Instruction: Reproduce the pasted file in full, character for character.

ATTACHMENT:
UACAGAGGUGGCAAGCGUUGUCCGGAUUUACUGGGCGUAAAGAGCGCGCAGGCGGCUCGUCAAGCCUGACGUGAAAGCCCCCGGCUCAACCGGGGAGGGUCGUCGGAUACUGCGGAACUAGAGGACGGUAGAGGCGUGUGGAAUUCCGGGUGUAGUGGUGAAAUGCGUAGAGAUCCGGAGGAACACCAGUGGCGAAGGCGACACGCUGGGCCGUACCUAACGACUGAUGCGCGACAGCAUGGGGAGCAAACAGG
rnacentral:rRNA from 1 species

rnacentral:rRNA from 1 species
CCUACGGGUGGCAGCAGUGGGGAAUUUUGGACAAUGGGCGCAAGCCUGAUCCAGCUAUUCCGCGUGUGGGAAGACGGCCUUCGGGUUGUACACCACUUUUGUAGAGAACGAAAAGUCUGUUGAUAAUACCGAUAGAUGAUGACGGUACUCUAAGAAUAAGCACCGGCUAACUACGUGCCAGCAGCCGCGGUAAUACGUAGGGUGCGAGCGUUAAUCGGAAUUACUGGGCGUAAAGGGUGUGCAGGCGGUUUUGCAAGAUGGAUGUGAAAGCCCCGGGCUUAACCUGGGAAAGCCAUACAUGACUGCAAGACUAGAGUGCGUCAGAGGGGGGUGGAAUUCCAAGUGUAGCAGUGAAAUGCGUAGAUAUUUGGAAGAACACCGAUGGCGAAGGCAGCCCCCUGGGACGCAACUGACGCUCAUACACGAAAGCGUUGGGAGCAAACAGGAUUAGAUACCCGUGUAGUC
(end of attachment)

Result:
UACAGAGGUGGCAAGCGUUGUCCGGAUUUACUGGGCGUAAAGAGCGCGCAGGCGGCUCGUCAAGCCUGACGUGAAAGCCCCCGGCUCAACCGGGGAGGGUCGUCGGAUACUGCGGAACUAGAGGACGGUAGAGGCGUGUGGAAUUCCGGGUGUAGUGGUGAAAUGCGUAGAGAUCCGGAGGAACACCAGUGGCGAAGGCGACACGCUGGGCCGUACCUAACGACUGAUGCGCGACAGCAUGGGGAGCAAACAGG
rnacentral:rRNA from 1 species

rnacentral:rRNA from 1 species
CCUACGGGUGGCAGCAGUGGGGAAUUUUGGACAAUGGGCGCAAGCCUGAUCCAGCUAUUCCGCGUGUGGGAAGACGGCCUUCGGGUUGUACACCACUUUUGUAGAGAACGAAAAGUCUGUUGAUAAUACCGAUAGAUGAUGACGGUACUCUAAGAAUAAGCACCGGCUAACUACGUGCCAGCAGCCGCGGUAAUACGUAGGGUGCGAGCGUUAAUCGGAAUUACUGGGCGUAAAGGGUGUGCAGGCGGUUUUGCAAGAUGGAUGUGAAAGCCCCGGGCUUAACCUGGGAAAGCCAUACAUGACUGCAAGACUAGAGUGCGUCAGAGGGGGGUGGAAUUCCAAGUGUAGCAGUGAAAUGCGUAGAUAUUUGGAAGAACACCGAUGGCGAAGGCAGCCCCCUGGGACGCAACUGACGCUCAUACACGAAAGCGUUGGGAGCAAACAGGAUUAGAUACCCGUGUAGUC